Tag:Hanley Ramirez
Posted on: August 31, 2011 6:34 pm
Edited on: August 31, 2011 6:38 pm
 

Report: Ramirez's season in jeopardy

By Matt Snyder

Hanley Ramirez's forgettable season may be over. The Marlins' three-time All-Star shortstop suffered a setback on the rehab trail with his balky left shoulder Tuesday and it doesn't sound good. He had an MRI Wednesday and the results are coming Thursday, but Joe Capozzi of the Palm Beach Post reports that "indications are [Ramirez] won't be back this year." Capozzi also noted surgery is very much a possibility.

Ramirez entered the season as a 27 year old with expectations of being among the best players in baseball. If fantasy baseball is your thing, you know Ramirez was a consensus top five overall pick due to his power-speed combination. It turns out, Ramirez has to qualify as one of the biggest busts of the season. He entered the season with career triple slash line of .313/.385/.520. This season, it's .243/.333/.379. From 2006-2010, Ramirez averaged 112 runs, 25 homers and 39 steals a season. This season he's sitting at 55, 10 and 20, respectively. The numbers are injury shortened, to be sure, but he's just fallen short across the board in 2011.

With the Marlins moving into a new stadium for 2012, Ramirez needs a huge bounce-back. He's too intregral to the ballclub's success to disappoint.

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Posted on: August 19, 2011 9:56 am
 

Pepper: Replay helps, but is hardly perfect



By C. Trent Rosecrans

See, now that's how replay's supposed to work -- maybe.

A day after the Yankees were the victim of a bad call (and worse replay) in Kansas City, the umpires in Minnesota went to the video once again for a Justin Morneau two-run homer in the first inning.

However, Twins manager Ron Gardenhire didn't agree.

"In my opinion, and this is what I told them: 'If one replay shows it could be fair and one replay shows it could be foul, and no one is really positive, how the heck do you change it?'" Gardenhire told reporters (via MLB.com). "I don't get that. They told me they saw a view on TV. But I could show three views right here where the ball disappears behind the pole. It just depends on the camera angle."

While I'm all for expanded replay, we must keep in mind it's not going to solve all of baseball's problems -- and the last two days have shown that.

Fair or foul? You be the judge (Yankees broadcast, Twins broadcast). It sure looked foul to me, but I understand the argument. It's what the NFL calls "incontrovertible visual evidence" and I'm not sure it's there. It's something to keep in mind, even with replay, humans are in charge and the chance for human error is always great, no matter what tools are at our disposal.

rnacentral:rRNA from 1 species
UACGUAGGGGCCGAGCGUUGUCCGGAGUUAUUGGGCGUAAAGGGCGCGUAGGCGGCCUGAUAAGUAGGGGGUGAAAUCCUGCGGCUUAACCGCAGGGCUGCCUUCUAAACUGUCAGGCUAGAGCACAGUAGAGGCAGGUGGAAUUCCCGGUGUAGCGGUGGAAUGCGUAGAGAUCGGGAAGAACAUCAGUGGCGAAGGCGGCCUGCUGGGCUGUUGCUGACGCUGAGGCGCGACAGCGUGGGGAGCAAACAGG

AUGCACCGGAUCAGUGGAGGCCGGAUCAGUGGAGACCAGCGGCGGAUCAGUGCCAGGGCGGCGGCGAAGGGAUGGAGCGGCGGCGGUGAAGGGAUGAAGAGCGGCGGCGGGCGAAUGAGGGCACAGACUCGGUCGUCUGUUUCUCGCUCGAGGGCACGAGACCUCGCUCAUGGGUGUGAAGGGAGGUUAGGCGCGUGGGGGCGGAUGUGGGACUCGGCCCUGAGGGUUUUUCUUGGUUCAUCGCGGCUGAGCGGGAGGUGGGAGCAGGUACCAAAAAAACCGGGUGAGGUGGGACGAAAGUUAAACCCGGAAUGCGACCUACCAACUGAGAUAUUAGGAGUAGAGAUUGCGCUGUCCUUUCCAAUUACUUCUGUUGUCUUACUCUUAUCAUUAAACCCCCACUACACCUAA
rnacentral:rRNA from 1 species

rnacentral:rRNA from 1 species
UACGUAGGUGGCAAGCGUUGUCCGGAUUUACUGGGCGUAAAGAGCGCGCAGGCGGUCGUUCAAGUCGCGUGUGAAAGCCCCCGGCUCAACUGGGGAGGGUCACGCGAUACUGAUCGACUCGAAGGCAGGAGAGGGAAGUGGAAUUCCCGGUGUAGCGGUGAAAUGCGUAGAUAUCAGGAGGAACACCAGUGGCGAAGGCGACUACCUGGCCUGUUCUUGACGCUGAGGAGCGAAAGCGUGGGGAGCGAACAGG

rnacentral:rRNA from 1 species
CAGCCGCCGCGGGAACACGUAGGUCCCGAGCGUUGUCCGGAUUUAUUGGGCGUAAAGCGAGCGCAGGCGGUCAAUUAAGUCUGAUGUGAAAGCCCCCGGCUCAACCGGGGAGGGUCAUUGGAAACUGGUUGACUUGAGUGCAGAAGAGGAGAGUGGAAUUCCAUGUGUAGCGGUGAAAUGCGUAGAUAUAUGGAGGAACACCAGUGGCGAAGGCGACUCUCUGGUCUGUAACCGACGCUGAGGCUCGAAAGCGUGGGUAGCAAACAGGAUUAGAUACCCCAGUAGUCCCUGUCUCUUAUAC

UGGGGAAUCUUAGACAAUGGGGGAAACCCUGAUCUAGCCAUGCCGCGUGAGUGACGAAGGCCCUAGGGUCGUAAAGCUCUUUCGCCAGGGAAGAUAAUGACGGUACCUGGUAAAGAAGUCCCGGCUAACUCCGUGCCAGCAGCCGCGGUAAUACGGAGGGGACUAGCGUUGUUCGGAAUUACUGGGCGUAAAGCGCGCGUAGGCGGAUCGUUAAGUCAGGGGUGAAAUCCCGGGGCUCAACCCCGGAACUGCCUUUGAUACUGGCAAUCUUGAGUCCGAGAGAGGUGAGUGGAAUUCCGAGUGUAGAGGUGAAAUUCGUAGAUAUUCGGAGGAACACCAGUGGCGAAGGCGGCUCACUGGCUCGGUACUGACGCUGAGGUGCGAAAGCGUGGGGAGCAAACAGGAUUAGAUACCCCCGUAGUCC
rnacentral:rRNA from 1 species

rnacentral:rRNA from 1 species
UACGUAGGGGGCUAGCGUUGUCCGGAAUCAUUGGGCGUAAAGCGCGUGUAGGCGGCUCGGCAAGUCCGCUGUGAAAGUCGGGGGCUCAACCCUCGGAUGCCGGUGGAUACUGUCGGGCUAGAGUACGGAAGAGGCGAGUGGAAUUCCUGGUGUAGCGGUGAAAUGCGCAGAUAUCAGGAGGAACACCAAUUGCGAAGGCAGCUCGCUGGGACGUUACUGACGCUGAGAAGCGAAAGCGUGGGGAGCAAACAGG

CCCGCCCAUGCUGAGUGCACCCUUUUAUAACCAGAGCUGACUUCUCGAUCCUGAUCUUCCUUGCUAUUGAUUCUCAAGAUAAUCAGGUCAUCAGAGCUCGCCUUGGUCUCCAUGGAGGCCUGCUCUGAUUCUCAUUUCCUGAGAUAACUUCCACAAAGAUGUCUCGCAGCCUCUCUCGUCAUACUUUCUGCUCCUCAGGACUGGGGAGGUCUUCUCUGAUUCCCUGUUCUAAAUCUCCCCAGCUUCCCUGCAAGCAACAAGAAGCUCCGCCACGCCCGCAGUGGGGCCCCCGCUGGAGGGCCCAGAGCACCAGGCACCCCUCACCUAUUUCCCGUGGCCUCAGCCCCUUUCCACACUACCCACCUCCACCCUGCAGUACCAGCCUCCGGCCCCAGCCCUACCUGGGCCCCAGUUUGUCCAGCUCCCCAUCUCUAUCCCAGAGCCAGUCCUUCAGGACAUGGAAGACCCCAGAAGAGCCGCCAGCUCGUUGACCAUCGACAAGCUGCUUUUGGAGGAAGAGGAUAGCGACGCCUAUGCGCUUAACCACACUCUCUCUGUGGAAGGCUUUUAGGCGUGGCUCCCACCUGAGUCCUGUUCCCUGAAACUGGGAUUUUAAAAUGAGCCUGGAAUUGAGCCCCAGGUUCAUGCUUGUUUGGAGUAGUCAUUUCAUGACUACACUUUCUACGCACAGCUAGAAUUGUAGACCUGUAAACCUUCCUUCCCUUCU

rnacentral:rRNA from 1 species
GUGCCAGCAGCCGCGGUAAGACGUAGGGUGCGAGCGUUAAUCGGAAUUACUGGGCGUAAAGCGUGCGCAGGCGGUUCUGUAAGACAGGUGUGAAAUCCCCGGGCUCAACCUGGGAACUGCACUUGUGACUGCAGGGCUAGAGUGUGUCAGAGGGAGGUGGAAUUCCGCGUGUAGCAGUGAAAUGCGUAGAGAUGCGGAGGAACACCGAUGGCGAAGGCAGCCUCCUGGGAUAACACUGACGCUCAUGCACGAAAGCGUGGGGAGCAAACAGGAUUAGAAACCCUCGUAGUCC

Hanley on hold: Marlins shortstop Hanley Ramirez may not return this season, Joe Capozzi of the Palm Beach Post speculated. Ramirez sprained his left shoulder on Aug. 2 while chasing down a fly ball. Ramirez hasn't played since. He had surgery not he same shoulder following the 2007 season.

Quade safe?: Cubs owner Tom Ricketts has been supportive of embattled manager Mike Quade and when he talks to the media during a homestand starting today, it's expected he will support his manager. [Chicago Sun-Times]

Little slugger: I wrote about Indians infielder Jack Hannahan's son the other day, but if you missed it, go here. Anyway, Louisville Slugger sent the youngest Hannahan a bat with his name, birthday and birth weight on it. A cool gesture for Johnny Hannahan, whose dad also uses Louisville Sluggers. [Cleveland Plain Dealer]

Hanson on hold: Braves right-hander Tommy Hanson won't return from the disabled list on Tuesday as previously scheduled. The Braves aren't sure when they'll get him back from shoulder tendinitis, but it may not be too long. It looks like rookie Mike Minor will stay in the rotation, at least through Tuesday. [Atlanta Journal-Constitution]

Congrats?: Brewers infielder Craig Counsell was believed to have dodged setting the record for most consecutive at-bats without a hit recently when he snapped an 0-for-45 skid one hitless at-bat before the record set by Bill Bergen in 1909. However, the Elias Sports Bureau went back and found that Bergen's went 0 for 45, meaning Counsell and former big leaguer Dave Campbell tied Bergen for baseball's longest streak of futility. Campbell achieved the feat in 1973 while with the Padres, Cardinals and Astros. The original 0 for 46 mark was from Joe Dittmar, who had researched it as a piece on Bergen for the Society for American Baseball Reaserach in 1997. Dittmar went back to check his work and saw that he was off by one and Elias was right. So, congrats Counsell and Campbell, or probably more accurately to Bergen, who is no long alone with his streak. [New York Times]